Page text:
Philip Maddocks: GOP plan offers hope for poor once they become rich
Republicans hailed the budget resolutions released this week by the House and Senate as a blueprint for addressing the urgent problem of what to do for the poor and middle class once they become rich.
“When was the last time you read a budget that was so focused on the needs of the less affluent?” said Rep. Tom Price of Georgia, the House budget chairman, pointing out that in the House proposal at least two-thirds of the $5 trillion in cuts over 10 years would come from programs that focus on low- and modest-income Americans, even though such programs account for less than one-fourth of all federal program costs.
“Now that we are heading for a stronger America,” Mr. Price said, waving the House’s 43-page budget, “it is time we addressed, head on, the needs of the poor and middle class once they become wealthy. This isn’t some fantasy. This is real. We have to stop kicking that can down the road and deal with problem once and for all.”
Mr. Price said that once the hundreds of billions of dollars in “dynamic” economic growth spurred by the policies of this budget kick in, and the “macroeconomic impact” takes hold, there will be no need for Medicare, Medicaid, Social Security, food stamps, or any of the benefits realized by the Affordable Care Act.
“Today we begin the monumental task of ensuring that everyone has an opportunity to share in our nation’s prosperity so long as they play by the same rules as the wealthy,” said Sen. Ted Cruz of Texas.
“We have a profound moral responsibility to assure the less affluent hard-working Americans that we will be there for them when they become rich,” said Sen. Michael B. Enzi of Wyoming, the chairman of the Senate Budget Committee. “We intend to keep our side of the bargain. We’re just waiting on them.”
Republicans say it is a sign of their confidence in the can-do ability of the country’s struggling citizens that their plan’s deep cuts land squarely on the people who most need help: the poor and the working class.
“A budget is a moral document; it talks about where your values are,” said Rep. Rob Woodall, Republican of Georgia and a member of the Budget Committee. “We’ve never had the opportunity before to show those who are struggling to make ends meet through no fault of their own that we believe in them. We believe they will find a way to realize their dreams and make this budget work.”
Rep. Chris Van Hollen of Maryland, the committee’s ranking Democrat, sees it differently, saying the Republican plan “takes budget quackery to a new level.”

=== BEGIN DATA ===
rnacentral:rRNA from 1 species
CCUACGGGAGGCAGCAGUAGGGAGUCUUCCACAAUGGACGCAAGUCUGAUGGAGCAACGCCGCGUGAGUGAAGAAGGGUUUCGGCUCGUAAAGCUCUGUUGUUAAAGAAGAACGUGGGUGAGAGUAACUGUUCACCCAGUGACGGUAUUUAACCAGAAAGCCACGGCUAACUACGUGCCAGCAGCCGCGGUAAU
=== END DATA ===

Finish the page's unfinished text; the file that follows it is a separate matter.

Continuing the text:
And President Obama criticized the GOP leaders for putting forward a plan that offers a path to prosperity only for those who have already prospered.
“If President Obama was serious about expanding growth and opportunity, he’d be working with Republicans,” said John A. Boehner, the speaker of the House. “As a top earner, it’s time this president started looking out for himself, which is also the best way to look out for middle-class families.”
Republicans concede some of their budget proposals are vague and the math in support of them is less than rigorous.
The plan claims more than $1 trillion in savings from unspecified cuts to programs like food stamps and welfare. And while calling for the full repeal of the Affordable Care Act, including the tax increases that finance the health care law, the GOP House plan assumes the same level of federal revenue over the next 10 years that the Congressional Budget Office foresees with those tax increases in place — essentially counting $1 trillion of taxes that the same budget swears to forgo.
And even, then the numbers add up only after assuming hundreds of billions of dollars in new growth that is attributed some nebulous power of the budget itself.
“Look, the first step in achieving success is belief,” said Sen. Sen. Marco Rubio of Florida, who is expected to make a run for the Republican presidential nomination. “We’re saying you need to believe in this budget because doing so shows you have a belief in yourself. Is that really too much to ask?”
Sen. Lindsey Graham, Republican of South Carolina and a member of both the Budget and the Armed Services Committees, said, “We talk about numbers, but we – especially we Republicans - live in a world that’s not just driven by numbers.”
“But in the event this doesn’t work out,” Mr. Graham added, “We will probably need more money to defend the nation.”
Philip Maddocks writes a weekly satirical column. He can be reached at firstname.lastname@example.org.